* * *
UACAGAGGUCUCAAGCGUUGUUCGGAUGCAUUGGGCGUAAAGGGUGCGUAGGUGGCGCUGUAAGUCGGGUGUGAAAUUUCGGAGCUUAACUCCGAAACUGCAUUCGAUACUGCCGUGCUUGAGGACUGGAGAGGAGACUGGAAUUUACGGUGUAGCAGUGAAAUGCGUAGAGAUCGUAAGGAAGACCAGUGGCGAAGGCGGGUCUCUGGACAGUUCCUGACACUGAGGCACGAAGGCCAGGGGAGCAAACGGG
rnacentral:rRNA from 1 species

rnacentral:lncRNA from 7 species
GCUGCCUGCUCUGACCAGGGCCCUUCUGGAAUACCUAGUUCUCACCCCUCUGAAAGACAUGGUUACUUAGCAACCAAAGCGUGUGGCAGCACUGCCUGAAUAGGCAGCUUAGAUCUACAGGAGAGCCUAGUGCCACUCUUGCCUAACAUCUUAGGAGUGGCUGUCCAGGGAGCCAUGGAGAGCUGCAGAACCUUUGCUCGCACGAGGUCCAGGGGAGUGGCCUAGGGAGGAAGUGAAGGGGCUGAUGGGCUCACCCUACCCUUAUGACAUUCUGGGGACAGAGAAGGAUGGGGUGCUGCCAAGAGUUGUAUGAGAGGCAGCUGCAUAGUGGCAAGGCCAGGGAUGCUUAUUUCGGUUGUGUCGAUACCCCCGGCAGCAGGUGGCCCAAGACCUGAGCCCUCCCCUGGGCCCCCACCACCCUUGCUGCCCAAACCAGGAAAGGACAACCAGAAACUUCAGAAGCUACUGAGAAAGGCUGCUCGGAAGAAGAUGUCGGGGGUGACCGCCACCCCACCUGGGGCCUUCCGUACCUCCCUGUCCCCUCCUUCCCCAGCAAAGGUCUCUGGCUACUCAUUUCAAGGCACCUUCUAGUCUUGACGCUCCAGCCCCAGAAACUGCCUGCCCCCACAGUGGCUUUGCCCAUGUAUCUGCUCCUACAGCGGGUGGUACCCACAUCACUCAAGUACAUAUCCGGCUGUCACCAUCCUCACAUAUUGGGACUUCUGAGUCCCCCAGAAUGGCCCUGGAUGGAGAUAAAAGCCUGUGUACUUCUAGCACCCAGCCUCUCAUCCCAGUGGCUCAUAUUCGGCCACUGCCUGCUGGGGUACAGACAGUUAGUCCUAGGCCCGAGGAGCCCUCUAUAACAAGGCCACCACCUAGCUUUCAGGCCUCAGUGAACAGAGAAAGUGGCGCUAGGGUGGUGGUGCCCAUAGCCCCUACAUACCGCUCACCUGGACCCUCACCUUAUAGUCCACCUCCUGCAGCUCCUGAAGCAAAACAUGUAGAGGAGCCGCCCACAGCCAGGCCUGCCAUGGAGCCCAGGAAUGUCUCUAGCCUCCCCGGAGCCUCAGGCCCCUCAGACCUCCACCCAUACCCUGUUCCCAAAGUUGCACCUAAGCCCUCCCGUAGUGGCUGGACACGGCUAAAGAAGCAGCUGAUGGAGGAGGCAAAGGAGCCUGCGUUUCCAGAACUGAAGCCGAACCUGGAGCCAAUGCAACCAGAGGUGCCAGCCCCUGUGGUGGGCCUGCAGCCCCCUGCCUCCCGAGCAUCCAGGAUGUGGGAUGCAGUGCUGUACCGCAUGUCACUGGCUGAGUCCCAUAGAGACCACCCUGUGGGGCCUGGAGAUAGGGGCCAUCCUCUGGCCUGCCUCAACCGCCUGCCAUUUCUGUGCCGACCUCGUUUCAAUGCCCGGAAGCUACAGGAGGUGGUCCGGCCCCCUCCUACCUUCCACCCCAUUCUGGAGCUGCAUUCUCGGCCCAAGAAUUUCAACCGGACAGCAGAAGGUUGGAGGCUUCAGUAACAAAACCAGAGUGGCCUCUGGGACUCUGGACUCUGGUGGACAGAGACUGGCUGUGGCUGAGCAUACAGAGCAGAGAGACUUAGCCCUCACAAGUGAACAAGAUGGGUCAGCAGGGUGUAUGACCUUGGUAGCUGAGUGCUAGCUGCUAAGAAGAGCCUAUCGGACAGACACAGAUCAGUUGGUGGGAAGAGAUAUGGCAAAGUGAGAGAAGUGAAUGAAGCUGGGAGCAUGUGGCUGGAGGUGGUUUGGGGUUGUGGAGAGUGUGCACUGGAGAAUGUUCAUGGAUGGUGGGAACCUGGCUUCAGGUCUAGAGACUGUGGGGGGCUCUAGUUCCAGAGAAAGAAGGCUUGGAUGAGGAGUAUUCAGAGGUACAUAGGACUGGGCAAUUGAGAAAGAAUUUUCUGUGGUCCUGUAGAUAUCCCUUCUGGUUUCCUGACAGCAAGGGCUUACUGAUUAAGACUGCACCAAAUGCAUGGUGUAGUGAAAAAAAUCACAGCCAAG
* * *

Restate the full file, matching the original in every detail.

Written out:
UACAGAGGUCUCAAGCGUUGUUCGGAUGCAUUGGGCGUAAAGGGUGCGUAGGUGGCGCUGUAAGUCGGGUGUGAAAUUUCGGAGCUUAACUCCGAAACUGCAUUCGAUACUGCCGUGCUUGAGGACUGGAGAGGAGACUGGAAUUUACGGUGUAGCAGUGAAAUGCGUAGAGAUCGUAAGGAAGACCAGUGGCGAAGGCGGGUCUCUGGACAGUUCCUGACACUGAGGCACGAAGGCCAGGGGAGCAAACGGG
rnacentral:rRNA from 1 species

rnacentral:lncRNA from 7 species
GCUGCCUGCUCUGACCAGGGCCCUUCUGGAAUACCUAGUUCUCACCCCUCUGAAAGACAUGGUUACUUAGCAACCAAAGCGUGUGGCAGCACUGCCUGAAUAGGCAGCUUAGAUCUACAGGAGAGCCUAGUGCCACUCUUGCCUAACAUCUUAGGAGUGGCUGUCCAGGGAGCCAUGGAGAGCUGCAGAACCUUUGCUCGCACGAGGUCCAGGGGAGUGGCCUAGGGAGGAAGUGAAGGGGCUGAUGGGCUCACCCUACCCUUAUGACAUUCUGGGGACAGAGAAGGAUGGGGUGCUGCCAAGAGUUGUAUGAGAGGCAGCUGCAUAGUGGCAAGGCCAGGGAUGCUUAUUUCGGUUGUGUCGAUACCCCCGGCAGCAGGUGGCCCAAGACCUGAGCCCUCCCCUGGGCCCCCACCACCCUUGCUGCCCAAACCAGGAAAGGACAACCAGAAACUUCAGAAGCUACUGAGAAAGGCUGCUCGGAAGAAGAUGUCGGGGGUGACCGCCACCCCACCUGGGGCCUUCCGUACCUCCCUGUCCCCUCCUUCCCCAGCAAAGGUCUCUGGCUACUCAUUUCAAGGCACCUUCUAGUCUUGACGCUCCAGCCCCAGAAACUGCCUGCCCCCACAGUGGCUUUGCCCAUGUAUCUGCUCCUACAGCGGGUGGUACCCACAUCACUCAAGUACAUAUCCGGCUGUCACCAUCCUCACAUAUUGGGACUUCUGAGUCCCCCAGAAUGGCCCUGGAUGGAGAUAAAAGCCUGUGUACUUCUAGCACCCAGCCUCUCAUCCCAGUGGCUCAUAUUCGGCCACUGCCUGCUGGGGUACAGACAGUUAGUCCUAGGCCCGAGGAGCCCUCUAUAACAAGGCCACCACCUAGCUUUCAGGCCUCAGUGAACAGAGAAAGUGGCGCUAGGGUGGUGGUGCCCAUAGCCCCUACAUACCGCUCACCUGGACCCUCACCUUAUAGUCCACCUCCUGCAGCUCCUGAAGCAAAACAUGUAGAGGAGCCGCCCACAGCCAGGCCUGCCAUGGAGCCCAGGAAUGUCUCUAGCCUCCCCGGAGCCUCAGGCCCCUCAGACCUCCACCCAUACCCUGUUCCCAAAGUUGCACCUAAGCCCUCCCGUAGUGGCUGGACACGGCUAAAGAAGCAGCUGAUGGAGGAGGCAAAGGAGCCUGCGUUUCCAGAACUGAAGCCGAACCUGGAGCCAAUGCAACCAGAGGUGCCAGCCCCUGUGGUGGGCCUGCAGCCCCCUGCCUCCCGAGCAUCCAGGAUGUGGGAUGCAGUGCUGUACCGCAUGUCACUGGCUGAGUCCCAUAGAGACCACCCUGUGGGGCCUGGAGAUAGGGGCCAUCCUCUGGCCUGCCUCAACCGCCUGCCAUUUCUGUGCCGACCUCGUUUCAAUGCCCGGAAGCUACAGGAGGUGGUCCGGCCCCCUCCUACCUUCCACCCCAUUCUGGAGCUGCAUUCUCGGCCCAAGAAUUUCAACCGGACAGCAGAAGGUUGGAGGCUUCAGUAACAAAACCAGAGUGGCCUCUGGGACUCUGGACUCUGGUGGACAGAGACUGGCUGUGGCUGAGCAUACAGAGCAGAGAGACUUAGCCCUCACAAGUGAACAAGAUGGGUCAGCAGGGUGUAUGACCUUGGUAGCUGAGUGCUAGCUGCUAAGAAGAGCCUAUCGGACAGACACAGAUCAGUUGGUGGGAAGAGAUAUGGCAAAGUGAGAGAAGUGAAUGAAGCUGGGAGCAUGUGGCUGGAGGUGGUUUGGGGUUGUGGAGAGUGUGCACUGGAGAAUGUUCAUGGAUGGUGGGAACCUGGCUUCAGGUCUAGAGACUGUGGGGGGCUCUAGUUCCAGAGAAAGAAGGCUUGGAUGAGGAGUAUUCAGAGGUACAUAGGACUGGGCAAUUGAGAAAGAAUUUUCUGUGGUCCUGUAGAUAUCCCUUCUGGUUUCCUGACAGCAAGGGCUUACUGAUUAAGACUGCACCAAAUGCAUGGUGUAGUGAAAAAAAUCACAGCCAAG